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Re-Painting Halli SX-17 Cabinet




 
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Author Topic: Re-Painting Halli SX-17 Cabinet  (Read 447 times)
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W1KSZ
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« on: September 15, 2017, 11:24:54 PM »

I picked up a very nice SX-17 the other day. I was thinking about stripping and
re-painting the cabinet.

I would like to hear from folks who have done this and can provide me with some
guidance.

Thanks in advance,

73, Dick, W1KSZ
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MikeKE0ZUinkcmo
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« Reply #1 on: September 17, 2017, 08:29:34 AM »

First, how are considering painting the cabinet?  Rattle can, or typical compressor/paint gun method?   There are numerous methods to strip paint, sand blast, chemical stripper, sanding, again, what method would you consider.

I have compressed air available and use abrasive automotive pads and random orbital sander to strip cabinets.

https://mikeharrison.smugmug.com/NATIONAL/NC240D/CABINET/NewPaint/Cabinet/



I've used rattle cans for wrinkle finishes, and spray equipment for others





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W1KSZ
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« Reply #2 on: September 17, 2017, 10:23:33 AM »

Getting the old surfaces prepp'ed is not as big an issue as re-painting the cabinet.
Trying to duplicate the paint finish (black crackle) is the bigger issue.

There's a local shop that does sand and bead blasting that I have used in the past
to remove paint from Collins cabinets that does a nice job.

Any suggestions on the paint ?

Tnx es 73, Dick, W1KSZ
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W1ITT
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« Reply #3 on: September 17, 2017, 11:41:36 AM »

I'm not sure if that radio wants wrinkle or pebble or smooth finish.  But a couple weeks ago I decided to restore the finish on a short black wrinkle rack cabinet.  I wire brushed and sanded to get good surface prep and used the Rustoleum black wrinkle stuff in the spray can, about $5, shipped on Ebay.  I applied it in the afternoon and at bedtime it still looked like regular paint.  I went to bed thinking "oh well, that's why they make solvent and sandpaper."  But the next morning, what to my wondering eyes did appear but a very pretty black wrinkle finish.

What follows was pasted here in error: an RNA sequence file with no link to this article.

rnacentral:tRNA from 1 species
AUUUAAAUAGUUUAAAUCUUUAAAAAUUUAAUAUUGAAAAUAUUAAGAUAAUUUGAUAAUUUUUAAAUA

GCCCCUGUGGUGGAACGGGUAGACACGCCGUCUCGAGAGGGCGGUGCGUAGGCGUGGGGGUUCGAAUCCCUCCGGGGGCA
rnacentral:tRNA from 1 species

I recall the misery of the old spray stuff that you had to cook in the oven, stinking it and the kitchen up.
Rustoleum makes their wrinkle paint in various colors, but the black is classic, with a modest gloss that takes you right back to the good old days.
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W1KSZ
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« Reply #4 on: September 17, 2017, 11:47:37 AM »

Thanks for the tip, I'll get a can and try it out.

73, Dick, W1KSZ
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W3GMS
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« Reply #5 on: September 17, 2017, 12:31:34 PM »

Put it on real thick with the surface horizontal.  Then immediately take a heat gun and start at one of the corners and just move the heat gun along and watch it wrinkle as you go.  Repeat the process on all the sides by putting each side horizontal. 

Works extremely well.  The Rustoleum stuff is some of the best to use.

Joe-GMS     
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Simplicity is the Elegance of Design---W3GMS
W1ITT
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« Reply #6 on: September 17, 2017, 12:49:06 PM »

Joe and Dick....
Obviously, I painted horizontal surfaces. In my case I put it on "normally" thick (clearly a subjective comment) but I didn't flood it wicked thick.  And I just let it sit, without the heat gun treatment.
This diversity of technique, both getting good results, tells me that the Rustoleum wrinkle paint is pretty forgiving stuff.  Rest assured that nobody from Nascar has been bugging me to paint his car, nor has Martha Stewart been calling for decor advice, so if I can do it.......
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Patrick J. / KD5OEI
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« Reply #7 on: September 17, 2017, 01:22:18 PM »


I have compressed air available and use abrasive automotive pads and random orbital sander to strip cabinets.

Very nice work there and nice work bench panels!
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MikeKE0ZUinkcmo
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« Reply #8 on: September 17, 2017, 09:00:14 PM »

Quote
Very nice work there and nice work bench panels!
Thanks for the kind words.   The test panels are a product of several years of on again/off again effort, but eventually completed.

I usually apply wrinkle by pre-heating the piece on an over turned trash can out in the summer Sun, then apply a couple heavy coats about 5 minutes apart, and let ole Sol do the rest.
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